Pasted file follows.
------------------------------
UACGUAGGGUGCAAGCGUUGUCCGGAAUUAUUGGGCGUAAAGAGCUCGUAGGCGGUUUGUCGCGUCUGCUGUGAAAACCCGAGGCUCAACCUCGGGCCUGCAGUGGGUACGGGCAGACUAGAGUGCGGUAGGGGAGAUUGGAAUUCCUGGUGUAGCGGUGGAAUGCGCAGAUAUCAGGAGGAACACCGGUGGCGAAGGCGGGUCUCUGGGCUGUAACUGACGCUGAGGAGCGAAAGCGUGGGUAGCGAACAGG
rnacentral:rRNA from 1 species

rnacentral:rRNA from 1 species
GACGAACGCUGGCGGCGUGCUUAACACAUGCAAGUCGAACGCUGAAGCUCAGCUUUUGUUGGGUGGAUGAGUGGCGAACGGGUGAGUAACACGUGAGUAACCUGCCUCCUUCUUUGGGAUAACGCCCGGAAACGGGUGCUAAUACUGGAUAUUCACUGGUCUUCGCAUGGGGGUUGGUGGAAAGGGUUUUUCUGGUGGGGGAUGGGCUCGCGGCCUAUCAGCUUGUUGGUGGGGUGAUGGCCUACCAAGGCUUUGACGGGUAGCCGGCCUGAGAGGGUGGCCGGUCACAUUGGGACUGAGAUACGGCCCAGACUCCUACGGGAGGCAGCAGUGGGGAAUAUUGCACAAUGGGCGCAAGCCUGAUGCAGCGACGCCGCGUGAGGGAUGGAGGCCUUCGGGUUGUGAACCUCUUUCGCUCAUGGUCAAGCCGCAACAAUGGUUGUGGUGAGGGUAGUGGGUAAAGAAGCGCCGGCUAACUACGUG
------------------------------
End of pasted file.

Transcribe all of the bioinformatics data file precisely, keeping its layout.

UACGUAGGGUGCAAGCGUUGUCCGGAAUUAUUGGGCGUAAAGAGCUCGUAGGCGGUUUGUCGCGUCUGCUGUGAAAACCCGAGGCUCAACCUCGGGCCUGCAGUGGGUACGGGCAGACUAGAGUGCGGUAGGGGAGAUUGGAAUUCCUGGUGUAGCGGUGGAAUGCGCAGAUAUCAGGAGGAACACCGGUGGCGAAGGCGGGUCUCUGGGCUGUAACUGACGCUGAGGAGCGAAAGCGUGGGUAGCGAACAGG
rnacentral:rRNA from 1 species

rnacentral:rRNA from 1 species
GACGAACGCUGGCGGCGUGCUUAACACAUGCAAGUCGAACGCUGAAGCUCAGCUUUUGUUGGGUGGAUGAGUGGCGAACGGGUGAGUAACACGUGAGUAACCUGCCUCCUUCUUUGGGAUAACGCCCGGAAACGGGUGCUAAUACUGGAUAUUCACUGGUCUUCGCAUGGGGGUUGGUGGAAAGGGUUUUUCUGGUGGGGGAUGGGCUCGCGGCCUAUCAGCUUGUUGGUGGGGUGAUGGCCUACCAAGGCUUUGACGGGUAGCCGGCCUGAGAGGGUGGCCGGUCACAUUGGGACUGAGAUACGGCCCAGACUCCUACGGGAGGCAGCAGUGGGGAAUAUUGCACAAUGGGCGCAAGCCUGAUGCAGCGACGCCGCGUGAGGGAUGGAGGCCUUCGGGUUGUGAACCUCUUUCGCUCAUGGUCAAGCCGCAACAAUGGUUGUGGUGAGGGUAGUGGGUAAAGAAGCGCCGGCUAACUACGUG